A true hometown hero tale was in danger of having the most unhappy ending as Marcus Rashford’s own people turned against him last season.
A palpable lack of desire and effort on the pitch from Rashford was the final straw for Manchester United supporters, who had washed their hands of the once promising starlet, confining him to the long, long list of players not quite good enough for a club of their grandeur.
Yet, there has been a second coming, and it could not have been more perfectly timed. The decisive goal against Liverpool last month was followed by a crucial double against Arsenal to help his side triumph 3-1 on Sunday and make it four wins on the bounce. The fact it was against the team where it all began for a fresh-faced Rashford six years ago made it all the sweeter.
"It is always a big game against Arsenal, especially as they have had such a good start to the season," Rashford told Sky Sports.
"It was a big test for us today. We showed up and stood up to the challenge. We can be proud if ourselves. It is good to get into a rhythm.
"They are a good team and know their principles of play and are very good at it. It is what we expected. I thought it was an even game. There were big spaces in the first half we couldn't exploit. We managed to do that in the second half."
During both United and Arsenal’s halcyon days under Alex Ferguson and Arsene Wenger's respective reigns, clashes between the pair had the same pull as El Clasico around the globe, with the feuding giants more often than not putting on a sizzling show as both vied for the Premier League title.
Both have fallen well below the levels of that era, but Arsenal’s visit to Old Trafford was more eagerly anticipated than other recent encounters, given the Gunners had enjoyed a perfect start to the season but were facing their first real test, against a United team who at least had shown signs of turning the corner.
With chances coming for both sides early on, and VAR drama adding a further edge as Gabriel Martinelli’s goal was ruled out for an earlier foul, the spectacle did not disappoint right from the off.
It appeared that €100 million debutant Antony was the one who was going to grab the headlines after becoming the youngest Brazilian to score on his Premier League debut when breaking the deadlock in the first half, with his celebration seeming like it was never going to end.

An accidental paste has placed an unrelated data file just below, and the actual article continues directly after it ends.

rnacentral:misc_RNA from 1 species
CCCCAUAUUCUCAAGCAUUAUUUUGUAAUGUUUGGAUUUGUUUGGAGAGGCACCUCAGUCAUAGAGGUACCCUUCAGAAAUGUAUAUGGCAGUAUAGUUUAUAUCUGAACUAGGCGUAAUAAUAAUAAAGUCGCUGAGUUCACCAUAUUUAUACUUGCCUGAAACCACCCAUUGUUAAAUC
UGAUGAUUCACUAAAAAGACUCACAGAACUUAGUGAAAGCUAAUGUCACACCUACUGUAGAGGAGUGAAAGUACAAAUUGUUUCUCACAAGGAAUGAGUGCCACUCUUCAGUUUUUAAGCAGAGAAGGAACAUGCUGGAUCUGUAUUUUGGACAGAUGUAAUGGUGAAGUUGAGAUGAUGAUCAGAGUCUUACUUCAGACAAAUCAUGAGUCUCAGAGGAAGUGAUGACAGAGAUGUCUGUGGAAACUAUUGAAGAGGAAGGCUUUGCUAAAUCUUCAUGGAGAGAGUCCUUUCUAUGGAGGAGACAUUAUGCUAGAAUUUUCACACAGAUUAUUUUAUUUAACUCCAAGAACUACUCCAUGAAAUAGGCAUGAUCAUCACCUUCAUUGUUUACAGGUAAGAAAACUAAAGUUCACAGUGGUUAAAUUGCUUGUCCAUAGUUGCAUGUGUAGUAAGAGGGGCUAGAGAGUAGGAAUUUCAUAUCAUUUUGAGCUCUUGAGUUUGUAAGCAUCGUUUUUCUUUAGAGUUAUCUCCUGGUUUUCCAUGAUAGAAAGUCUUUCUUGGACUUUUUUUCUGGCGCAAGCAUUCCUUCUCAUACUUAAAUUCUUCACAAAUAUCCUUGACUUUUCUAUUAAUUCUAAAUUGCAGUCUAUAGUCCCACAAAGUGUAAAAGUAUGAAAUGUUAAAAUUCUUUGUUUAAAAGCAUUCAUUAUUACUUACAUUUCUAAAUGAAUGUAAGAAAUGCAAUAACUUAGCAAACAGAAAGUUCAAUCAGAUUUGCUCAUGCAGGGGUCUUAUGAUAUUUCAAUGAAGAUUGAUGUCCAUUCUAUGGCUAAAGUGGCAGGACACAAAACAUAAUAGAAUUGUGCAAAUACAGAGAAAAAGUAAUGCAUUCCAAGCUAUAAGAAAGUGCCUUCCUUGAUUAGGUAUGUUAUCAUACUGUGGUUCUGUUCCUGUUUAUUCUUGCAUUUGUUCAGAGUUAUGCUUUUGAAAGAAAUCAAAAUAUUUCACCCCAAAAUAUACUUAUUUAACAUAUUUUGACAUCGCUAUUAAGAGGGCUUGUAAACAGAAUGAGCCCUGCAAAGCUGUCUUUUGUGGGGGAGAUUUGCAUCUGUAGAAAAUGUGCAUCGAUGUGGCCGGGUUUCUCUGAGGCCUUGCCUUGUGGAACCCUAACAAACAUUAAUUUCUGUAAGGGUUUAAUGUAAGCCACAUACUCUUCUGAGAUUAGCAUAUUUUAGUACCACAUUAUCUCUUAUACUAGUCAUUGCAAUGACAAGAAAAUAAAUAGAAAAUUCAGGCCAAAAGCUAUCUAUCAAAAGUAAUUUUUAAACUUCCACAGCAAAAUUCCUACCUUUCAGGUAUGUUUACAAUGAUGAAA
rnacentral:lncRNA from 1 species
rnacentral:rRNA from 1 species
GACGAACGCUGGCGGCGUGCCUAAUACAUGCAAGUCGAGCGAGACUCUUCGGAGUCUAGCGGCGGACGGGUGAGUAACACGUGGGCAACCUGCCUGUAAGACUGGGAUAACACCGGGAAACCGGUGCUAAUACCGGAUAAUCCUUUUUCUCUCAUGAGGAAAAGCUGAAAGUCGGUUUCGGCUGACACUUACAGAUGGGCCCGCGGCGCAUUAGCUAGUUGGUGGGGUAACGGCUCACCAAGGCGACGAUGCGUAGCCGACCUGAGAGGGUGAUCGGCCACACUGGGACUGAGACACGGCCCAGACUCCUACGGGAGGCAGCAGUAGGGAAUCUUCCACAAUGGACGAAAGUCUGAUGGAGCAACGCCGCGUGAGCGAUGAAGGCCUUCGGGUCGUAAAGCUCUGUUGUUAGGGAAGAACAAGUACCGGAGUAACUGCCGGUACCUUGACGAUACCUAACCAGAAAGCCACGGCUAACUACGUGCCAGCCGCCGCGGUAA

Arsenal deservedly got back into the contest in the second half to sway the narrative once more, but it was Rashford who then took centre stage.
One of the many sticks supporters chose to beat Rashford with last term was his inability to put the ball in the back of the net when presented with chances at various pressure points in matches.
When bearing down on goal under Ralf Rangnick, you could see the confidence torn from Rashford’s demeanour, as even he was not convinced he had what it takes to finish the job off.
Having been moved out wide in the second half to accommodate the arrival of substitute Cristiano Ronaldo – a position Erik ten Hag sees him fulfilling in his best XI – Rashford came alive, darting on to a perfect Bruno Fernandes pass before making no mistake with the finish once more.
There was just no sign of the nervousness and general tentative play from last season, and he remained hungry for more, finishing off Christian Eriksen’s pull back to complete a fine afternoon’s work. Two chances, two goals and an assist for Antony’s opener to boot – lethal form that has been long overdue.
The pat from Ten Hag on Rashford’s head as he was substituted told you everything you needed to know about the relationship between player and coach. People deal with adversity in very different ways and Rashford is someone who needs that hand on the shoulder to tell him everything is OK.
Now he has a coach willing to do that, giving him the reassurance he needs to put in more performances like Sunday’s, offering hope that a full career resurrection is on the horizon. The hometown hero tale can still have that happy ending after all.